Forgive me if this is a repeat. I just can't get the experience out of my mind. I was out in my own neighborhood Saturday morning for a jog. I had my MP3 player on with a great song. The weather was hot, but beautiful. All of a sudden something tackled me from behind. I thought I was going to be raped a block from my house. Turned out to be this huge chocolate lab. I'm not a dog person to begin with so this was traumatic. I didn't get bit at all - just scratched on my arm, back & abdomen. All in all the wounds are more mental than physical. This dog had a worn & faded collar, but no tags. I screamed at the top of my lungs, slammed the dog down and pinned it. I didn't want to let go for fear of getting bit. Finally the owner (I guess that is who he was) came out of his yard. I told him what happened and he gave me a half-hearted "I'm sorry". Grrrrrrrrrrrrrrrrrr. I understand it isn't the dog's fault that his owner hasn't trained him, doesn't put his tags on, and let him run loose in the neighborhood at 7am. I'm getting some pepper spray. Only problem is the owner deserves to get sprayed just as much if not more than the dog.
Hopefully getting it out will help me get past it. I've been so on edge since.
Stupid owners should be Tazered. I changed one of my running routes because of some really bad dog owners. One day this big mutt came off his proprerty and charged down the road at me so I froze. These four 25-30 year old guys came out, beers in hand laughing. The dog's fur was up and he was MAD. I tried to calmly tell these bozos that I would appreciate if they got their dog under control. They just looked at me like I was speaking a foreign language. Finally I said that if the dog bit me I would sue them for everything they own, they mumbled some profanities and called the dog back. I have not run that road since. Hopefully this won't happen to you. If you don't want to carry pepper spray, ammonia in a water pistol works as well.
Truth in lending - I have two dogs and they are always on leashes. When people pass I out myself between the dogs and the people. My dogs are female greyhounds and while they would not attack anybody or anything, other people don't know that.
The irresponsible dog owners are the problem. The dog is just doing what is instinctive to them. All dogs serve a purpose, wether it is for guard duty, law enforcement, hunting, or companionship. I am a dog owner and I have a doberman. I raised my dog to be loving and kind, especially around children. There are far too many irresponsible dog owners that have dogs as a "status" symbols and don't care what happens if their dog gets free. Accidents do happen and dogs escape. I use to have a lab also, he was an escape artist.
I am glad you took action against the dog and did not hesitate. There are also too many people who don't react to these situations. Pepper spray is an excellent deterrent to dogs. I have mixed feelings about they effect people. I am in law enforcement and have been a victim of pepper spraying by my own beat partners. There is an old saying, "Pepper spray only works on dogs and cops!". I have only used my pepper spray on a few people. It had little effect on them due to drugs or alcohol.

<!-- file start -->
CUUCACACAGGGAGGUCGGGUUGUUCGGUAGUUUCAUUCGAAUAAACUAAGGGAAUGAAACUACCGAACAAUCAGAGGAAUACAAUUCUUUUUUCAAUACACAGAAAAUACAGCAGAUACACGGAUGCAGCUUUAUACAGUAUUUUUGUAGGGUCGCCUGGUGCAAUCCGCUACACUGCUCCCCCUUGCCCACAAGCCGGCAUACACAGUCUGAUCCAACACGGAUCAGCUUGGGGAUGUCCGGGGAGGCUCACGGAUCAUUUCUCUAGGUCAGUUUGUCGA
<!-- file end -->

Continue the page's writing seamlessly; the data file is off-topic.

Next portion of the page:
I am glad you were not hurt. My only advice to you is to only use one ear piece when you run. Like you said, your initial thought was it was someone trying to do something evil to you. Giving yourself one free ear might give you enough warning to take action. I think you will soon get past this incident. Chalk it up to life experience and learn from this. If you have any more questions just let me know.
This seems to be a common problem with not only runners, but cyclists as well....like you said, it isn't the dogs' fault, natural instincts, etc. That said, call your local animal control or Sheriffs' Office if you have no animal control. Depending on your locals states laws, they should be able to solve the prblem for you and future runners in the area. Usually confronting these type of owners is pointless..if they were responsible owners you wouldn't be having the discussion in the first place, so letting the local "officials" deal with them is usually the better course. Labs are great, but be careful with the Chocolates, if you're going to get bit by one, it'll be a choc, then a yellow. Until recently it was thought it was a genetic trait, but it appears that the chocolate gene throughout the dog world is predisposed to the aggressiveness.
Not all Choc's are aggressive, but just be careful when you meet one ! Believe it or not, if you have the opportunity and they're not coming up from behind, if you call them to come to you it confuses the heck out of them!